- BC Games
Connect with Us
A Gardener's Diary: Garden is ready for bed
I finally got all my geraniums in the house. I used insecticidal soap on all of them. I still have a few plants in the greenhouse but they can stand a bit of colder temperature. I had planned to do that a lot earlier but my plans always change with the weather. The week of fog set me behind. My body works on solar power. No sun: no work.
I started putting my garden to bed for winter. I was to use the rototiller but I found so many worms in some spots that I turned everything with the fork. I then added lots of compost and shredded leaves and will let nature look after it for winter. In the spring I just have to rake the space and it will be ready for planting. The cold frames are also ready and I will overwinter some of my potted plants in there. The bigger plants go in the greenhouse but it is too small for all of them.
As mentioned in my last column, I will be writing about invasive plants. This is taken from the booklet distributed by the Invasive Plant Council of British Columbia. The first one on the list is Baby’s Breath (Gypsophila paniculata). Baby’s breath is a herbaceous perennial plant with delicate white or occasionally pink blooms on bushy flower stalks. Plants flourish in well-drained sandy or gravelly soils. Flower stalks are sought after by florists for dried and fresh flower arrangements, but seeds often continue to develop in arrangements and are easily spread. The flowering stems of a single plant can produce more than 10,000 seeds and these are distributed over long distances when the whole stalk breaks off at ground-level and rolls like a tumbleweed. Infestations quickly spread along roadsides and invade grasslands, reducing forage quality for livestock and wildlife.
In the “Grow me instead alternatives” you can find Pearly Everlasting (Anaphalis margaritacea) which is a B.C. native. Zone 3B
Filigran Russian Sage (Perovskia atriplicifolia) is a drought-tolerant perennial with a sage-like aroma; it is somewhat deer and rabbit resistant. Zone 4. Mine has reseeded in a few places but very easy to remove. The one in the front yard has never been sampled by the deer.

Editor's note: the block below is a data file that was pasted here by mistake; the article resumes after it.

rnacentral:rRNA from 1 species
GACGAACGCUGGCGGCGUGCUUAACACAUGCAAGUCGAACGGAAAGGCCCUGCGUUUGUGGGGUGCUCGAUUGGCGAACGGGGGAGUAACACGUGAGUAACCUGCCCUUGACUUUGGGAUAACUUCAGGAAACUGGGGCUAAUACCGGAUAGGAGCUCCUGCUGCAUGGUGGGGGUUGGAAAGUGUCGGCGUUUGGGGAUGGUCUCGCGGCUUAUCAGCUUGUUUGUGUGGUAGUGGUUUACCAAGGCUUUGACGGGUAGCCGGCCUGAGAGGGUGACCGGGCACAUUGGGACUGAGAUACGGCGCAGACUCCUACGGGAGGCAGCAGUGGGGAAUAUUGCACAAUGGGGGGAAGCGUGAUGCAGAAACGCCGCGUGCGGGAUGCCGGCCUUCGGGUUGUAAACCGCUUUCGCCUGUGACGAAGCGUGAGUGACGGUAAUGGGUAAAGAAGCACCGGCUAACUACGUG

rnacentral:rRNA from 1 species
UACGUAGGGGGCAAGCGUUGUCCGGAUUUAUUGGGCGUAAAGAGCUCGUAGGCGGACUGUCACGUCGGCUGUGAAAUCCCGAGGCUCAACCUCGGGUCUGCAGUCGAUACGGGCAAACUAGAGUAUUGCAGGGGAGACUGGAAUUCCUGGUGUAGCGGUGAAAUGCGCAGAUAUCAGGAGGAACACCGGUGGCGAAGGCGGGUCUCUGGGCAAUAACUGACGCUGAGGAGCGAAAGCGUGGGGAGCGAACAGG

Hewitt’s Double Meadow Rue (Thalictrum delavayi Hewitt’s Double) Zone 4.
Sea Lavender (Limonium latifolium) Zone 4.
White Flax (Linum perenne “Diamond” Zone 3.
Additional recommendations: Zone 3 Hybrid Yarrow (Achillea millefolium hybrids) zone 3 Fernleaf Yarrow (Achillea filipendula) and Zone 4 German Statice (Goniolimon tataricum). I have been growing the German Statice for about five years. I use it a lot for dried flower arrangements. It is drought-tolerant and deer-resistant. Mine grows in full sun. This is also a plant that you can add to your butterfly garden.
My angel trumpet (Brugmansia) will be coming in the house very soon. I had more than 30 blooms in the spring and now I just counted another 25 flowers left on the plant. Quite a show. Most of the leaves are yellow and falling. I will strip the last ones when I bring it in. It will go in a dark cool corner until spring. Also my rosemary plant is in full bloom. Another one to bring in before it gets to -5C. I need a bigger house but my husband tells me it would be easier to cut down on plants. He is not a gardener.
For more information: 250-558-4556.